Private Harry Woods, Killed in Action 5th. July, 1915
The Ancient Greeks had a saying; they said that if, after your death, just one person remembered your name, then you had not really died. We perpetuate this saying, perhaps without actually knowing of it, when we read out aloud the names of those commemorated on local war memorials up and down the country on Remembrance Sunday. We call these names to mind and then, in the words of the oft used inscription, Their Name Liveth for Evermore. But not everyone is remembered in this way. This is the story of one man, Harry Woods, killed in 1915, who almost disappeared without trace. And even though he has a grave in Flanders, he seems forgotten in his own country. He is one of many.
In 1989, looking in a remaindered bookshop, I bought a copy of 'A Sergeant Majors War - Hill 60 to the Somme'. The book is an edited version of the diaries of Sergeant Major Ernest Shephard of the Dorsets. Starting on the day he sailed for France in January 1915, Ernest kept his diary in small notebooks, sending each book to his sister's husband as it became full. At the time of Ernest's death in January, 1917, there were eighteen notebooks, kept in a chocolate box at the bottom of his sister's wardrobe until they were found and published nearly seventy years later.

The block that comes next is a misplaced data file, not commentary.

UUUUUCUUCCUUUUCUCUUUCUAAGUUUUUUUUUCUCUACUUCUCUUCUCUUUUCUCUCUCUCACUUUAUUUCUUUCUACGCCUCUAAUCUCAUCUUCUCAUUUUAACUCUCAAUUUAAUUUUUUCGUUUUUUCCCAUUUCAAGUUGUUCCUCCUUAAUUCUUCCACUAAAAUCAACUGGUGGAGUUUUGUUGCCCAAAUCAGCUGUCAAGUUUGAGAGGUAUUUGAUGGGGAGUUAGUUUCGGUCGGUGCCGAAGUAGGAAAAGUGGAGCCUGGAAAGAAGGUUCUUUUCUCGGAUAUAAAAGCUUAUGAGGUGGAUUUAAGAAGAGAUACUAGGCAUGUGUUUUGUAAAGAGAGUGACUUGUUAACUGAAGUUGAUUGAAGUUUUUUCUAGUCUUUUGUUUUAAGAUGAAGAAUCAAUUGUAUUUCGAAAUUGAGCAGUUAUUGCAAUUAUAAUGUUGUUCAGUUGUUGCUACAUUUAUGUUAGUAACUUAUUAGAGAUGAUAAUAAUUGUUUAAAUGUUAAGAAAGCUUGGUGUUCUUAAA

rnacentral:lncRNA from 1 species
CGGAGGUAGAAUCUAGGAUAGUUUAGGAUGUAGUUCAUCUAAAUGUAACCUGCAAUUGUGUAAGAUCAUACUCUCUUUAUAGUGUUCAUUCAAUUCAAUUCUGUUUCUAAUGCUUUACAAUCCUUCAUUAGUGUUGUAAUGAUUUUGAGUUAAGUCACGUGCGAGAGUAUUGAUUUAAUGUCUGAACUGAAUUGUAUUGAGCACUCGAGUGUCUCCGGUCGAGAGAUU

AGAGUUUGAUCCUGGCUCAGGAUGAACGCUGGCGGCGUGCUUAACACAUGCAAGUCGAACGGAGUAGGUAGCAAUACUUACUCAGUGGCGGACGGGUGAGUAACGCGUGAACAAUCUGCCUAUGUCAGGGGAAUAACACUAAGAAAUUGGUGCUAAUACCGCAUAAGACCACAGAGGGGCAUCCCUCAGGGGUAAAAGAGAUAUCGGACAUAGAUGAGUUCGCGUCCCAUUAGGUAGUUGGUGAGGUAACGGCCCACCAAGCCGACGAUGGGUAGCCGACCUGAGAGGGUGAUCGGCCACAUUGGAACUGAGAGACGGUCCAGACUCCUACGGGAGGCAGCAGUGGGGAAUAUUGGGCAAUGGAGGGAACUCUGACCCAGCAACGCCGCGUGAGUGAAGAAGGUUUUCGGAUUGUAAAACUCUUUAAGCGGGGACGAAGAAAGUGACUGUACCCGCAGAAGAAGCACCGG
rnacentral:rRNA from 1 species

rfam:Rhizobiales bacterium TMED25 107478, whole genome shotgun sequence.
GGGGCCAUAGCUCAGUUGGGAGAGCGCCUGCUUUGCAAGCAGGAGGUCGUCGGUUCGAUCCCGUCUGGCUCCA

Stories told to me in my childhood by my uncle, gave Hill 60 a sort of monumental status in my mind. The name itself seemed somehow technological and modern to me, even though the stories were nearly fifty years old when I was their eager recipient. So I began to read my new book with some anticipation.